Insurance will be central to mitigating transition risk caused by 21st century megatrends, delegates heard at the latest Guernsey Insurance Forum.

Rowan Douglas, Chief Executive of Capital Science & Policy at Willis Towers Watson and a member of the first panel session at the recent London event, said that reinsurance was the ultimate global community product to fund post-disaster relief and that insurers had a leading role to play in protecting against the impact of natural disasters.

He stated that there was a 1% chance of the world suffering approximately $1.3 trillion of natural catastrophe losses in 2018, suggesting that such a devastating scenario might be expected to occur once every 100 years or so.

"That is increasing because of growing exposure and the gradual effects of climate change," Mr Douglas said, before also discussing the future of technology in the insurance sector and how InsurTechs were helping the industry become more efficient and increasing direct supply and distribution changes.

"What will really change [in the sector] is how resilience-related services and transactions are wrapped up and integrated within mainstream [insurance] business. That is the revolution – it's not about technology, it's about rethinking how resilience is going to be incorporated into core financial valuation and how that's going to be transacted and traded.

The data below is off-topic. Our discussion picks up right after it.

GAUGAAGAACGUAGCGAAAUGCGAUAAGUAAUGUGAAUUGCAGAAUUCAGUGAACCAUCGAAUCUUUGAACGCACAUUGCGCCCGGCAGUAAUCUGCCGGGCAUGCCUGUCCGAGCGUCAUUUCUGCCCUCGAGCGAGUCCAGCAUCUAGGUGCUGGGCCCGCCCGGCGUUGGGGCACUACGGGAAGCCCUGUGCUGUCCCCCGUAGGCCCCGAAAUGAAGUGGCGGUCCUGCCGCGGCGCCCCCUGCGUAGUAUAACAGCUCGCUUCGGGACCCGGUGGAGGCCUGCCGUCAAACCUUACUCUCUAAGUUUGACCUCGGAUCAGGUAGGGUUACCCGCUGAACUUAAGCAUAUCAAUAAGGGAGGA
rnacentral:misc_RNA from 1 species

"And that's very exciting because it's our industry, not banking, or even asset management, that sits at the heart of that revolution."

Natural disasters, or environmental issues, and technology were two of the top five megatrends highlighted by PwC Global InsurTech Leader Jonathan Howe along with changes in society (demographics, ageing population, ethnic mixes, urbanisation), economic change and politics.

Mr Howe also noted how important it was for different parts of the industry to work together - especially start-ups and incumbents agreeing that there was a place for them not only to co-exist, but to collaborate. He claimed that InsurTechs need the industry because they lack vital elements such as money, customers and data, but insurers also need access to the flexibility, innovation and new ideas offered by InsurTechs.

"I think it's the only way forward," he said. "People said there would not be much disruption in insurance and I think that's right. By far the majority of InsurTech start-ups I see, probably well over 90%, are not trying to be insurance companies end-to-end. These are companies that have some technology and are looking at a very specific part of the insurance value chain, a really small niche, and saying they can do that better and can solve that problem. You could build it in-house, but it takes three or four years and the end result is generally disappointing. It's flexibility at speed and they need each other to move."

The other members of the panel session included Airmic Deputy Chief Executive Julia Graham, who agreed that collaboration was key in the future and stressed sensible, basic risk management; and International Association of Insurance Supervisors Senior Policy Adviser Peter van den Broeke, who suggested that coming up with best practices from a regulatory and supervisory perspective required a new, flexible, attitude based on core regulatory principles rather than simply seeking to adapt existing practices to meet the needs of new business models.

More than 160 delegates attended the Guernsey Insurance Forum. The event was sponsored by Appleby, Artex, Bedell Cristin, BWCI, Carey Olsen, Ogier, Robus, Royal London, SunTrust and Willis Towers Watson.

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